Now this is a very welcome surprise. I was expecting The Intruder to be a good enough film based on the trailer, but boy was I not expecting it to be so damn good at just being what it is. It really isn’t often that we get this sort of no-frills, no higher concept thrillers anymore, and when we do they tend to be hampered by a lack of ambition or technical skill to elevate to the best of their form. But The Intruder is such a viscerally disturbing experience that it’s impossible not to appreciate how hard everyone involved is swinging for the fences. In other words, this is very impressive filmmaking.
The premise is very simple: Scott (Michael Ealy) and Annie (Meagan Good) are a young married couple looking to buy a home outside the city, and they find Annie’s dream home up for sale by Charlie (Dennis Quaid). The pair purchase the home and send Charlie on his way, but Charlie never quite seems to leave, popping up on the property and offering further excuses as to why he hasn’t yet left town. As Charlie’s appearances become more frequent and more noticeably unhinged, Scott starts to worry for his and Annie’s safety.
If you’ve seen the trailer, you’re well aware of how this is going to escalate, but other than some revelations regarding Charlie’s background, The Intruder is whole-heartedly committed to remaining as grounded as its premise suggests. Of course, in less capable hands, David Loughery’s simple screenplay would come across as somewhat trite, but director Deon Taylor demonstrates himself to be a master of slow-burning, incrementally-ratcheting tension. As the camera trains the audience on the layout of the estate and the nuances of Charlie’s personal triggers, the attention to detail is subtle and pointed, so we’re always primed for moments of heightened emotion because all the narrative and staging groundwork has been laid beforehand without having to beat us over the head with it. Particularly impressive is the film’s ethos toward jump-scares, which more often rely on light revealing disturbing secrets immobile in the shadows rather than using fast motion and instrumental cues to provoke a startled response. This is nail-biting intensity made manifest, and it’s often achieved with little more than a disgruntled stare and a non-stationary light source.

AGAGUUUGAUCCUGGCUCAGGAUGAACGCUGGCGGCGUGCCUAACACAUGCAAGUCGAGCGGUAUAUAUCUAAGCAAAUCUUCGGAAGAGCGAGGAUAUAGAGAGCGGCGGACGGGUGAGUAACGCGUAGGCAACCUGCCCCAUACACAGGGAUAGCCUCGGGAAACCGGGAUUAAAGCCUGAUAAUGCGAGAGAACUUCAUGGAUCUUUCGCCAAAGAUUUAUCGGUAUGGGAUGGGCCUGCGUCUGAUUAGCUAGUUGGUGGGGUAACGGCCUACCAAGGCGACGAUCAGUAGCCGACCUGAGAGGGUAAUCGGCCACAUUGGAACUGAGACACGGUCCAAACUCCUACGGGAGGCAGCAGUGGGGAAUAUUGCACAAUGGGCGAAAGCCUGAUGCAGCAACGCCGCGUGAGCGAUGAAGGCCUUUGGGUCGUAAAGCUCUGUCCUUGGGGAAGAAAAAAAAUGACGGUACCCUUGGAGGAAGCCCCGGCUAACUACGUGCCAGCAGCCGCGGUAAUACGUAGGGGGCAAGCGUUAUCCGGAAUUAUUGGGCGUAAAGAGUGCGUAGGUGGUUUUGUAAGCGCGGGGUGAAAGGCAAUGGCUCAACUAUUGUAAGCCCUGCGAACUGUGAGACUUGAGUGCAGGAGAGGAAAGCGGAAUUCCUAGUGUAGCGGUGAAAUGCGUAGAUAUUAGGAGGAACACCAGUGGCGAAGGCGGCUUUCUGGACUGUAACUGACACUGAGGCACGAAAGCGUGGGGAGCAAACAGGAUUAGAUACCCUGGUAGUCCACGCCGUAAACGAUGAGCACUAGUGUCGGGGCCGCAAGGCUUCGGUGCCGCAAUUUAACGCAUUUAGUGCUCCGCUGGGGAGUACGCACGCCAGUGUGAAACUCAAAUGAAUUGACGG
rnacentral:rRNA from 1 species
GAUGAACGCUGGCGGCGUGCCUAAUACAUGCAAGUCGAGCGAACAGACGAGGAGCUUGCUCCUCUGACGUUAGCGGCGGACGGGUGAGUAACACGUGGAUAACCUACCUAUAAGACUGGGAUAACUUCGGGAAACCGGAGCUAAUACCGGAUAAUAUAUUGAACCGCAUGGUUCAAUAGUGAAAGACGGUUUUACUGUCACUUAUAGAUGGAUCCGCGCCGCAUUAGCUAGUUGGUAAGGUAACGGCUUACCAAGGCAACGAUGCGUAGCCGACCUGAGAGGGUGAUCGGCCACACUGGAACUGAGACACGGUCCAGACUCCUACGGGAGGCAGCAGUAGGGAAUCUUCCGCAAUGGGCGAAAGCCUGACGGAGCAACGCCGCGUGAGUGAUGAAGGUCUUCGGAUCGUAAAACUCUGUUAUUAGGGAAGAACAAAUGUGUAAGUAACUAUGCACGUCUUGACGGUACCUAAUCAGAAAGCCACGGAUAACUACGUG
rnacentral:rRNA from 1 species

This is only enhanced by the trio of lead performances. Ealy plays Scott as something of a paranoid asshole, suspicious of others because he flirts with other women behind his wife’s back. This helps to explain Annie’s dismissal of his uncomfortable attitude toward Charlie, yet Good’s take on Annie is as someone so committed to seeing the good in people that it borders on naivete, making for an engaging push and pull between Scott's and Annie's conflicting worldviews. Ultimately, this is a narrative about strengthening their marriage through adversity, but the show is very much stolen by Quaid’s role as the film’s villain. Charlie’s uncomfortably forced smiles barely contain a neurotic obsession with the sanctity of his property, and signifiers such as an obsession with guns and a constantly present red baseball cap are none-too-subtle indicators of the archetype this character is built upon. This is Quaid leaning hard into disturbing psychopathy, and some of his character choices perhaps verge on too disturbing, particularly in the third act, yet this is the performance that justifies the ticket price.
This is all to say that The Intruder is a hell of a lot of fun. It’s a particularly good movie to watch with a crowd, as the reactions the film provokes are intense and well-earned, and that final shot is something to keep you talking as you exit the theater. Sometimes all a film has to do to achieve greatness is to be a prime exercise of its genre. The Intruder unquestionably earns that great distinction.